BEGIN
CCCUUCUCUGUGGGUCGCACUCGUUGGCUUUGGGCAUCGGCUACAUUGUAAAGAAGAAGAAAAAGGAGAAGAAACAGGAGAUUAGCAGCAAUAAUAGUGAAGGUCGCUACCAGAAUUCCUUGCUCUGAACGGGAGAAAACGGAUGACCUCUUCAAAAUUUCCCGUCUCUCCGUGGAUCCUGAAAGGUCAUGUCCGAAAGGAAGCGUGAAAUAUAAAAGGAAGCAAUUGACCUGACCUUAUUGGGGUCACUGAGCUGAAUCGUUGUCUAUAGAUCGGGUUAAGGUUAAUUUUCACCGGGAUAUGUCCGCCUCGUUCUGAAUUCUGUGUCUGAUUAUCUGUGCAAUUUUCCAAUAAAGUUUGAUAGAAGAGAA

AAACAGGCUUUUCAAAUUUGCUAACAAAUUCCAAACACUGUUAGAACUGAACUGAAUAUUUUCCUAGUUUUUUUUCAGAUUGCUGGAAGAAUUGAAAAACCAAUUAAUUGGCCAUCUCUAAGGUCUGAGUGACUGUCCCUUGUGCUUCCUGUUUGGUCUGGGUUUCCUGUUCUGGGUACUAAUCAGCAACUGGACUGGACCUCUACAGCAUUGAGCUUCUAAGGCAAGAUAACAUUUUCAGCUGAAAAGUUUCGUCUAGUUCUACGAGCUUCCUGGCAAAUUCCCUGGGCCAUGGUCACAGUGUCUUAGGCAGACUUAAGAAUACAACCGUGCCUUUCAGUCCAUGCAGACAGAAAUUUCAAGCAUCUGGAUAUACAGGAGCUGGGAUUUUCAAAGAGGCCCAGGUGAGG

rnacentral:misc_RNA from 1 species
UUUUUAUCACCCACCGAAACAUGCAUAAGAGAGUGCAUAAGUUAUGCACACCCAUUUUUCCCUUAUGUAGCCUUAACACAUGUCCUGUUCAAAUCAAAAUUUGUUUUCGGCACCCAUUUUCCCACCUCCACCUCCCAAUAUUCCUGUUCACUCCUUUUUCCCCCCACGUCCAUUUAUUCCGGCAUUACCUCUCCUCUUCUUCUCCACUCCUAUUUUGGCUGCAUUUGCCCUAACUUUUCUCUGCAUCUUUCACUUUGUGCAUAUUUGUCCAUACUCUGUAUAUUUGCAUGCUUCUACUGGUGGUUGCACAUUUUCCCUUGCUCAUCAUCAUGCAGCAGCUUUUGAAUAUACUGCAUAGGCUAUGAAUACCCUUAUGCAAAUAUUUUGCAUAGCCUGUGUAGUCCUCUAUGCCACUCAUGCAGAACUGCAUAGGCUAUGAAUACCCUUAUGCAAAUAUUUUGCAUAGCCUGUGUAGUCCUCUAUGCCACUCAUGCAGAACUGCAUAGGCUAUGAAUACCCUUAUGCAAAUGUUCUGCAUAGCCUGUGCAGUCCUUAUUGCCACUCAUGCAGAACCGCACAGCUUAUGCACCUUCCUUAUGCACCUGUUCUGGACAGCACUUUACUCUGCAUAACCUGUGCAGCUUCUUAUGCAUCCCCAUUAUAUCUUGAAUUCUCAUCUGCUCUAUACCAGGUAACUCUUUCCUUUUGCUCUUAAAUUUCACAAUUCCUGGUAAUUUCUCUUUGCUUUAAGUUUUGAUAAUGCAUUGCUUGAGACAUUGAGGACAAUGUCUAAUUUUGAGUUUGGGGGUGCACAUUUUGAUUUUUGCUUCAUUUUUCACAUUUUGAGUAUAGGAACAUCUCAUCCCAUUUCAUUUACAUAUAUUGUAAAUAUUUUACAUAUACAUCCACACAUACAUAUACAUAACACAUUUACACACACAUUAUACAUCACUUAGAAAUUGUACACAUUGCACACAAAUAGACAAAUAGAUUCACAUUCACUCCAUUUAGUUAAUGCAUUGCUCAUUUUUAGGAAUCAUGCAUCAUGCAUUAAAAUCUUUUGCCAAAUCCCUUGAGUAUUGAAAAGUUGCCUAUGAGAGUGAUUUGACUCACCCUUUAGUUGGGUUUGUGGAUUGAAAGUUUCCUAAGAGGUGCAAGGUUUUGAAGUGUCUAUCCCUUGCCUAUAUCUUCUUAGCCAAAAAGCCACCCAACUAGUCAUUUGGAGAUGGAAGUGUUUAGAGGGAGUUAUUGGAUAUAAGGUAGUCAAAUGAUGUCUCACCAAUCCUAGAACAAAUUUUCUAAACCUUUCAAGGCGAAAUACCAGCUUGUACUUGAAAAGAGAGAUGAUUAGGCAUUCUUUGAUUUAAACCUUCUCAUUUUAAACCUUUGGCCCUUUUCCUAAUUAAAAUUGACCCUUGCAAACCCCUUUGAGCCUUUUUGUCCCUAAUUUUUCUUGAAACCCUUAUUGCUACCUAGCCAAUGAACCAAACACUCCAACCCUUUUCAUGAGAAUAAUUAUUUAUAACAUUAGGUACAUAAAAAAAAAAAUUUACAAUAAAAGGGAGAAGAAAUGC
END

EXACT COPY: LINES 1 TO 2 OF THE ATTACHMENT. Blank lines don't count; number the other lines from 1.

CCCUUCUCUGUGGGUCGCACUCGUUGGCUUUGGGCAUCGGCUACAUUGUAAAGAAGAAGAAAAAGGAGAAGAAACAGGAGAUUAGCAGCAAUAAUAGUGAAGGUCGCUACCAGAAUUCCUUGCUCUGAACGGGAGAAAACGGAUGACCUCUUCAAAAUUUCCCGUCUCUCCGUGGAUCCUGAAAGGUCAUGUCCGAAAGGAAGCGUGAAAUAUAAAAGGAAGCAAUUGACCUGACCUUAUUGGGGUCACUGAGCUGAAUCGUUGUCUAUAGAUCGGGUUAAGGUUAAUUUUCACCGGGAUAUGUCCGCCUCGUUCUGAAUUCUGUGUCUGAUUAUCUGUGCAAUUUUCCAAUAAAGUUUGAUAGAAGAGAA

AAACAGGCUUUUCAAAUUUGCUAACAAAUUCCAAACACUGUUAGAACUGAACUGAAUAUUUUCCUAGUUUUUUUUCAGAUUGCUGGAAGAAUUGAAAAACCAAUUAAUUGGCCAUCUCUAAGGUCUGAGUGACUGUCCCUUGUGCUUCCUGUUUGGUCUGGGUUUCCUGUUCUGGGUACUAAUCAGCAACUGGACUGGACCUCUACAGCAUUGAGCUUCUAAGGCAAGAUAACAUUUUCAGCUGAAAAGUUUCGUCUAGUUCUACGAGCUUCCUGGCAAAUUCCCUGGGCCAUGGUCACAGUGUCUUAGGCAGACUUAAGAAUACAACCGUGCCUUUCAGUCCAUGCAGACAGAAAUUUCAAGCAUCUGGAUAUACAGGAGCUGGGAUUUUCAAAGAGGCCCAGGUGAGG